25. Self-Sustaining Chemical        Systems: Living Cells   Previous PageNext Page
       Eucaryotic Cell Membrane

Most of these antibiotics are closed-ring compounds with many -O- or C=O groups, as in nonactin (right).

Nonactin wraps around a potassium ion, with its oxygen atoms coordinated to the ion, and with hydrophobic groups exposed to the exterior. It is the exact opposite of the oildrop model of a protein, in which the protein has a hydrophobic interior and a polar exterior. The inverted structure of the antibiotic presumably makes it possible for nonactin and a K ion to diffuse through the lipid bilayer of the membrane.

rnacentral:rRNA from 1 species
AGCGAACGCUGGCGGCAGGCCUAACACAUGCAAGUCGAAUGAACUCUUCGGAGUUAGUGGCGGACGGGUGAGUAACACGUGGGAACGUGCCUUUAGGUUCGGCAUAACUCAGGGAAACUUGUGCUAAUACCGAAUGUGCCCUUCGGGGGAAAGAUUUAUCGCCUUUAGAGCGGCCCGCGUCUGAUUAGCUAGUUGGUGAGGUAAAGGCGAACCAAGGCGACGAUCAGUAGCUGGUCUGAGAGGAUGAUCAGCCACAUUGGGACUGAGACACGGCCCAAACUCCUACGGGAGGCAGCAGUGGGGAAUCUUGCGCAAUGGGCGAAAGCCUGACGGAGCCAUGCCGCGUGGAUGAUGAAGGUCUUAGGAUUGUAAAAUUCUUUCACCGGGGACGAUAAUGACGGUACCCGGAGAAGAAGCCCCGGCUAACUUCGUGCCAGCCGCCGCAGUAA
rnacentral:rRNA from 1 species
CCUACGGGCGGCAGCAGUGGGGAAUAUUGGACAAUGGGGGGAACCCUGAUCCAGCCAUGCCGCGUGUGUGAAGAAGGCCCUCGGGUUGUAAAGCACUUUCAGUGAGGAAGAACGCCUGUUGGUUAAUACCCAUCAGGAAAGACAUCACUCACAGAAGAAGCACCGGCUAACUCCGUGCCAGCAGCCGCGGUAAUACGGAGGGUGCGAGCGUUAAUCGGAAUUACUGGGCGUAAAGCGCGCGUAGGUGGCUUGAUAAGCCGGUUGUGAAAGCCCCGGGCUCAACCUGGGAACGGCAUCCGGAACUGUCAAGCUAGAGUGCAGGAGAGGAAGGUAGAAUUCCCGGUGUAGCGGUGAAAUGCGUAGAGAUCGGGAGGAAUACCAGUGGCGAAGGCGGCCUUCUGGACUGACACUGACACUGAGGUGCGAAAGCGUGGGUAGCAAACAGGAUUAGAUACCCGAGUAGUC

Nonactin, in effect, gives the ion a hydrophobic overcoat. Gramicidin can carry all of the alkali metal ions through a membrane, but valinomycin carries only K, Rb, or Cs. Such antibiotics are toxic because they make membranes susceptible to alkali metal ions when they should not be. Cells waste their ATP by pumping K in and Na out, only to find them leaking the wrong way again, with the aid of these carrier molecules.

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